Well, we’ve come a long way since Fr. Gus purchased Harps’ pig farm, the property on which Annunciation Parish now sits: nine acres and a farmhouse that served as the first rectory, a parish that borrowed territory from St. Anthony, St. Michael, & St. Clement. The first Mass, held at Elmwood School, was attended by 678 people and the first collection amounted to $367.14. I know that Fr. Timothy took a vow of poverty but he’s hoping you’ll do better tonight! In short order the parish took shape with the appointment of Corporators, the establishment of a youth group, C.Y.O., men’s and women’s clubs, a religious formation program, and the signing the contract for a new church, the church in which we now worship, and much more. Behind these few sentences of mine are worlds of heartfelt prayer & dedicated service on the part of the entire parish family, turning dreams into reality. And just for the record, the first Mass was celebrated here on October 3, 1970. This time there were over 1,800 people in attendance but history is silent about the collection for that occasion!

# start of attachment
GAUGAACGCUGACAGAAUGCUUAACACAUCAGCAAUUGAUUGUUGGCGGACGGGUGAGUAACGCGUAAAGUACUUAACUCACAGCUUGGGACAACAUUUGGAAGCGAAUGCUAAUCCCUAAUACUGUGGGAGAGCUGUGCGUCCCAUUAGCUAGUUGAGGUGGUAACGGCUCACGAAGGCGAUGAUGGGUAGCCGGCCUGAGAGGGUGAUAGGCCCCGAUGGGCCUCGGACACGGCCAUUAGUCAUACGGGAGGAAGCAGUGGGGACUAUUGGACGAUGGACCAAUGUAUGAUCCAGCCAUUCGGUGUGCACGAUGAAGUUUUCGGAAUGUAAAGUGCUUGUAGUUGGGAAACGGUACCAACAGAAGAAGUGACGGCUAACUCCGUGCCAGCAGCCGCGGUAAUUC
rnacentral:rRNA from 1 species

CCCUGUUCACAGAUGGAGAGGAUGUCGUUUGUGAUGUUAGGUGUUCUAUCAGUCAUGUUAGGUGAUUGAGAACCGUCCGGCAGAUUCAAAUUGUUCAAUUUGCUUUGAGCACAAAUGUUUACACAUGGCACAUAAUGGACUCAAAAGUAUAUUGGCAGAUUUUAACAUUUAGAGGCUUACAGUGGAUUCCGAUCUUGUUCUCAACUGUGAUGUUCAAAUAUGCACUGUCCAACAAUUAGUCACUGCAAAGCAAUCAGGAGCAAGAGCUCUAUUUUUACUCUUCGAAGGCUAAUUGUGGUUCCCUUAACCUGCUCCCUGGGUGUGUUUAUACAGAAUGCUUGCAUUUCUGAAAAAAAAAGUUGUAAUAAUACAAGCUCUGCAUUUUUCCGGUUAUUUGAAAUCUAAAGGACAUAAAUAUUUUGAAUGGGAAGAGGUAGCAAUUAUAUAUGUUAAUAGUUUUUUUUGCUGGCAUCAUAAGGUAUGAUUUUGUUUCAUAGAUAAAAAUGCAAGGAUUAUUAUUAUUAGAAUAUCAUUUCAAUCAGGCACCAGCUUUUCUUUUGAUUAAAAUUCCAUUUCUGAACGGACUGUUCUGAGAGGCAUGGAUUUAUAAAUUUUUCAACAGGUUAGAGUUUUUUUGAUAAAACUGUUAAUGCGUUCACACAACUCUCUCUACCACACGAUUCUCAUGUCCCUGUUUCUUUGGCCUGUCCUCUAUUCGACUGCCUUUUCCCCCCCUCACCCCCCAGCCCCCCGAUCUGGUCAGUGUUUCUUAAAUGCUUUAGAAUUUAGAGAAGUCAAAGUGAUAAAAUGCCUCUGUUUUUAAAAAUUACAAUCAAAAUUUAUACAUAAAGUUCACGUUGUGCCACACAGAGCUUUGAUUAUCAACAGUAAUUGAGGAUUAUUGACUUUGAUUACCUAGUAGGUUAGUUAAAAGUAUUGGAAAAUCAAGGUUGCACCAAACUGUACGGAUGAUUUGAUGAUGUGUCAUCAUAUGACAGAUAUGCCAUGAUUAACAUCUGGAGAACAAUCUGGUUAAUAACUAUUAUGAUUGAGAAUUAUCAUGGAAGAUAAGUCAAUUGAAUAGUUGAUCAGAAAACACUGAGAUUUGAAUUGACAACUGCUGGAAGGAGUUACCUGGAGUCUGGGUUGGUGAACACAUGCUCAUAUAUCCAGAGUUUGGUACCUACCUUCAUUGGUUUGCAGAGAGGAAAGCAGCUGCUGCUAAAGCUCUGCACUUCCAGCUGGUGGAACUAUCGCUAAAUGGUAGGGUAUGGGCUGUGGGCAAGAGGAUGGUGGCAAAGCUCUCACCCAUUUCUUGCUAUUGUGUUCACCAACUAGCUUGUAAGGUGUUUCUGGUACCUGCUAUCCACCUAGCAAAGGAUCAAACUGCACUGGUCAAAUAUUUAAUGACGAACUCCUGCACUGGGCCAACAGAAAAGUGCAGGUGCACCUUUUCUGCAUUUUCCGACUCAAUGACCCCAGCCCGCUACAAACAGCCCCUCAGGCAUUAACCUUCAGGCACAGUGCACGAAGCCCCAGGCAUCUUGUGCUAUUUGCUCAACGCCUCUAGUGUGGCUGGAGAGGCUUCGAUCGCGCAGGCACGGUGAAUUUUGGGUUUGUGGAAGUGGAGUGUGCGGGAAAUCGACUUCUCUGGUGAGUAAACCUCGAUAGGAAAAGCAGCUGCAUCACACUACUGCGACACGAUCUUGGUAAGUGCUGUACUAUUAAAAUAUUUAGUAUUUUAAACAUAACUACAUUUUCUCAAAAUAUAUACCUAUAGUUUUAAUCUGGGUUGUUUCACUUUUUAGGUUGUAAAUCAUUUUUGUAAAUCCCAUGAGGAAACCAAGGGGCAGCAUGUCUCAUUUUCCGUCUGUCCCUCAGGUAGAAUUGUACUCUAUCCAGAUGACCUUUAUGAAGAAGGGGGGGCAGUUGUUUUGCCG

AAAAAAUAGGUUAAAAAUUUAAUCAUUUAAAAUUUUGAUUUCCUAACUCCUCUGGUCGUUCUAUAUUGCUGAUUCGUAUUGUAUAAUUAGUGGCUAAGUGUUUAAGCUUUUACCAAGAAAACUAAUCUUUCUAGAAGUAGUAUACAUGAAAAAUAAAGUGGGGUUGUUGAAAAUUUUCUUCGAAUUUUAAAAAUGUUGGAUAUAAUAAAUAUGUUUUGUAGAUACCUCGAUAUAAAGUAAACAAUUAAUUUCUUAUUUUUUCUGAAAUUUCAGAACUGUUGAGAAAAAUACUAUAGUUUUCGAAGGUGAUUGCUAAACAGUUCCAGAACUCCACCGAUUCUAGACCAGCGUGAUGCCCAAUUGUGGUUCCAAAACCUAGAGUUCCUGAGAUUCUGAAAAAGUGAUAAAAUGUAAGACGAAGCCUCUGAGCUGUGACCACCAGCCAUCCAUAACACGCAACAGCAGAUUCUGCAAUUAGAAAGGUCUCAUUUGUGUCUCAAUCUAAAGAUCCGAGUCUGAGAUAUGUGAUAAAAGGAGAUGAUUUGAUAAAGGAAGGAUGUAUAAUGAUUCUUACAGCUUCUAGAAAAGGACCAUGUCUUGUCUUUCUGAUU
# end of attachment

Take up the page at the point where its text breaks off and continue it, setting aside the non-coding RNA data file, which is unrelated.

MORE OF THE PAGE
But let us probe a little deeper! Why did our forebears make so many sacrifices to establish this parish? Surely it was not to build a monument to themselves. No, the real reason for building churches and establishing parishes is a deep hunger for the Word of God and for the living Presence of the Lord in our lives. It’s the same impulse that motivated the early Christian martyrs who said (in Latin), “Sine dominico non possumus” – “We cannot live without the Lord and the Eucharist!” So, let us now do what this parish was created for in the first place, let us break open the Scriptures we have heard so as to enter into the banquet of Christ’s Sacrifice with worthiness and joy, beginning with this observation:

It Is Christ Who Gathers Us in the Holy Spirit

Hard as we may work to establish and maintain a parish, it is really Christ, our Great High Priest, who gathers us as a parish family, who gathers us indeed in the power of the Holy Spirit. And today’s readings teach us who this Jesus is and what he was like, He, the Word made Flesh whose living Presence among us binds us together in faith and hope, fills us with love, and enables us to live our vocations as his disciples.